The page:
US President Donald Trump has said he is not considering firing special counsel Robert Mueller even as his administration was again forced to grapple with the growing Russia probe, which has shadowed the White House for much of his initial year in office.
Mr Trump returned to the White House from Camp David and was asked if he was considering triggering the process to dismiss Mr Mueller, who is investigating whether the President’s election campaign coordinated with Russian officials ahead of last year’s vote.
The President answered: “No, I’m not.”
But he did add to the growing conservative criticism of Mr Mueller’s move to gain access to thousands of emails sent and received by Trump officials before the start of his administration, yielding attacks from transition team lawyers and renewing chatter that Mr Trump may act to end the investigation.
“I can’t imagine there’s anything on them, frankly. Because, as we said, there’s no collusion. There’s no collusion whatsoever.”
On Saturday, the general counsel for the transition group sent a letter to two congressional committees arguing Mr Mueller’s investigators had improperly obtained thousands of transition records.
The investigators did not directly request the records from Mr Trump’s still-existing transition group, Trump for America, and instead obtained them from the General Services Administration, a separate federal agency that stored the material, according to the group’s general counsel.
A spokesman for Mr Mueller said the records were obtained appropriately.
“When we have obtained emails in the course of our ongoing criminal investigation, we have secured either the account owner’s consent or appropriate criminal process,” Peter Carr said.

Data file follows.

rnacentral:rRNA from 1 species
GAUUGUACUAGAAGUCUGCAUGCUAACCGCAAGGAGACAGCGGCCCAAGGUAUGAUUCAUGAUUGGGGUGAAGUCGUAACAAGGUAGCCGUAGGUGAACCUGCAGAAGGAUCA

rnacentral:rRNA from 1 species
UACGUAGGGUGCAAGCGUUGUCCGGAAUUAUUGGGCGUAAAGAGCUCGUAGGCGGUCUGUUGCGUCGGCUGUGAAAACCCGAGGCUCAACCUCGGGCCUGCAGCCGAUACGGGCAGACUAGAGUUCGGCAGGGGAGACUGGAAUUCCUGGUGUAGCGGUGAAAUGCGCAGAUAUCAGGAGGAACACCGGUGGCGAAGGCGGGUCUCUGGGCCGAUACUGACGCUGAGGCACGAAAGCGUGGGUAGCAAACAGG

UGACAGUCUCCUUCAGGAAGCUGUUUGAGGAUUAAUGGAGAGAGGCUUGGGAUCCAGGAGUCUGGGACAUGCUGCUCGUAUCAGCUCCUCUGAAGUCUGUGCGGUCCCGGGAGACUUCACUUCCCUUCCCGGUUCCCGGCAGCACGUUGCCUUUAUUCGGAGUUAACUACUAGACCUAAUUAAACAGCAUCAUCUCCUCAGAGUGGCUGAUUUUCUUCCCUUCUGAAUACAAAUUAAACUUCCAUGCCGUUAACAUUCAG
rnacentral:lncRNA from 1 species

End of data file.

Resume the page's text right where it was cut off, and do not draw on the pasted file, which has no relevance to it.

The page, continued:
Mueller’s motives questioned
But many Trump allies used the email issue as another cudgel with which to bash the probe’s credibility.
Members of the conservative media and some congressional Republicans have begun to systematically question Mr Mueller’s motives and credibility while the President himself called it a “disgrace” that some texts and emails from two FBI agents contained anti-Trump rhetoric.
One of those agents was on Mr Mueller’s team and has been removed.
Michael Caputo, a former Trump campaign aide, called the investigation an “attack on the presidency” and told CNN there are “more and more indications that the Mueller investigation is off the rails”.
The talk of firing Mr Robert Mueller has set off alarm bells among many Democrats, who warn it could trigger a constitutional crisis.
Some Republicans also advised against the move, including Senator John Cornyn of Texas, who deemed the idea “a mistake”.